What has always struck me is that the stories I have written for erotic anthologies are not markedly different from my literary fiction. Certainly, there’s more explicitness. There are cocks and cunts, nipples and clits. The descriptions are warmer, wetter. The moans are more guttural. Still, there are stories holding these physical exertions together. The more I write, the more I realize that so many of the ways we try to categorize fiction are so limiting. This compulsion to create hierarchies is very human, but as writers, we can rise above this urge. We can rise above the need to define everything we write.

Each of the six stories here examines desire in an original, unexpected way. These writers rise above categories. They walk carefully along that fine line between the erotic and the explicit and do so with grace and intelligence.

For Guernica‘s first installment of erotic fiction, we have Jennine Capó Crucet’s “Magic City Relic,” in which a young woman recalls one of the last times she had sex with the boyfriend she was leaving behind on her way to college in New York. A young man grapples with his desires for other men and his overbearing father in “Boy, A History,” by Saeed Jones. I’ve also included a story of my own, one that previously appeared in an erotic anthology: In “Broads,” Jimmy Nolan is a man who loves broads and desperately wants a broad to love him. With the waitress, Greta, at his favorite diner, he just might get his wish.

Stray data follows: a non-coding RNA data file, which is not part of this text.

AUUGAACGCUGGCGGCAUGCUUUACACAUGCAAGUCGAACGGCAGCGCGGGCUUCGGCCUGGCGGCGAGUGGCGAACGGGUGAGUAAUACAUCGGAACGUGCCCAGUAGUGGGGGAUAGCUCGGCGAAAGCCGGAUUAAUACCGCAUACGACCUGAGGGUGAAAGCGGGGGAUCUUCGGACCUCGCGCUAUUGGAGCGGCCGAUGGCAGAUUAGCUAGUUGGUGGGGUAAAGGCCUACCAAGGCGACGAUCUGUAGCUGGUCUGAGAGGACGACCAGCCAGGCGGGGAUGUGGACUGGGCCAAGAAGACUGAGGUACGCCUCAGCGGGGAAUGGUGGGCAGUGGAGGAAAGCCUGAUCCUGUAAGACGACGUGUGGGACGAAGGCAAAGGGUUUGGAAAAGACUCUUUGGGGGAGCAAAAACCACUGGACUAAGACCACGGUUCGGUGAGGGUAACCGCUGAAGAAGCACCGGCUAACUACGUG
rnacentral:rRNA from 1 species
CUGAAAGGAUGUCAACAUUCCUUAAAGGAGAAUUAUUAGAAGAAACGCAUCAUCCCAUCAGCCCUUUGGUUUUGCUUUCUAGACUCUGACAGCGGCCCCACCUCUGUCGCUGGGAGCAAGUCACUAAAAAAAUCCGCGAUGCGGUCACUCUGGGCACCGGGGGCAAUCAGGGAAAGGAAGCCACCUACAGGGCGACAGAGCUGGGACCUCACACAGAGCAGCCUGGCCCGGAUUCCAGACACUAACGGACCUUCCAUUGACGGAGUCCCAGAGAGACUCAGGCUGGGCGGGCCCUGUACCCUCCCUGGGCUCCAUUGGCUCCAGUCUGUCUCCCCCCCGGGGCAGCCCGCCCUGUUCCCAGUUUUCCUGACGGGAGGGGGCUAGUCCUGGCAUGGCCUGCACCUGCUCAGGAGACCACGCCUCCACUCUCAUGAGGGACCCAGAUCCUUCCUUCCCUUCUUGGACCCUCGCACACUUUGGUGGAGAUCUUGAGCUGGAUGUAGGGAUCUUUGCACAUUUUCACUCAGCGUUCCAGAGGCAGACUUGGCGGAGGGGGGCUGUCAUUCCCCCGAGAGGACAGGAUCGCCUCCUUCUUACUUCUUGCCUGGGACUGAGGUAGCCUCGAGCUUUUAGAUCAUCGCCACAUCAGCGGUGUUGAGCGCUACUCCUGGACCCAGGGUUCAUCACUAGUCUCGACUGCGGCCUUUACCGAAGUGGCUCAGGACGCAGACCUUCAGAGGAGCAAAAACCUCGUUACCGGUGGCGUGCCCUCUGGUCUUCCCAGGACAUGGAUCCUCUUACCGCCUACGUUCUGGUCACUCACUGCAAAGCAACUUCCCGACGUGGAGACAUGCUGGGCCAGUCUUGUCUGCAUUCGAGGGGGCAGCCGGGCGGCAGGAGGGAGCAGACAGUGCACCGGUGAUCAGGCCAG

For Guernica‘s second installment, I chose Brad Green’s “The Weight of Rose Petals,” in which Frank has suffered a nearly insurmountable loss, and is waiting out his infirm and bitter wife, while longing for the woman he truly loves. In “Café Flesh” by Ruben Quesada, a young boy learns a secret about his mother’s boyfriend as he tries to make sense of what it means to look upon the naked, splayed bodies of women. Delaney Nolan’s “How I Gonna Bare My Neck Outside in the Sweat-Scared Morning” is about different kinds of heat.

Together, these stories say, This is how we desire. This is how we want. This is what we want. This is how little we know. This is who we are.

Part 1
Magic City Relic, by Jennine Capó Crucet
Boy, A History, by Saeed Jones
Broads, by Roxane Gay

Part 2
The Weight of Rose Petals, by Brad Green
Café Flesh, by Ruben Quesada
How I Gonna Bare My Neck Outside in the Sweat-Scared Morning, by Delaney Nolan

Roxane Gay

Roxane Gay’s writing appears in The Best American Mystery Stories 2014, The Best American Short Stories, The Best Sex Writing 2012, A Public Space, McSweeney’s, Tin House, The Oxford American, American Short Fiction, The Virginia Quarterly Review, and many others. She is a contributing opinion writer for the New York Times. She is the author of the books Ayiti, An Untamed State, the New York Times-bestselling Bad Feminist, the nationally-bestselling Difficult Women and the New York Times-bestselling Hunger. She is also the author of World of Wakanda for Marvel. She has several books forthcoming, and is also at work on television and film projects.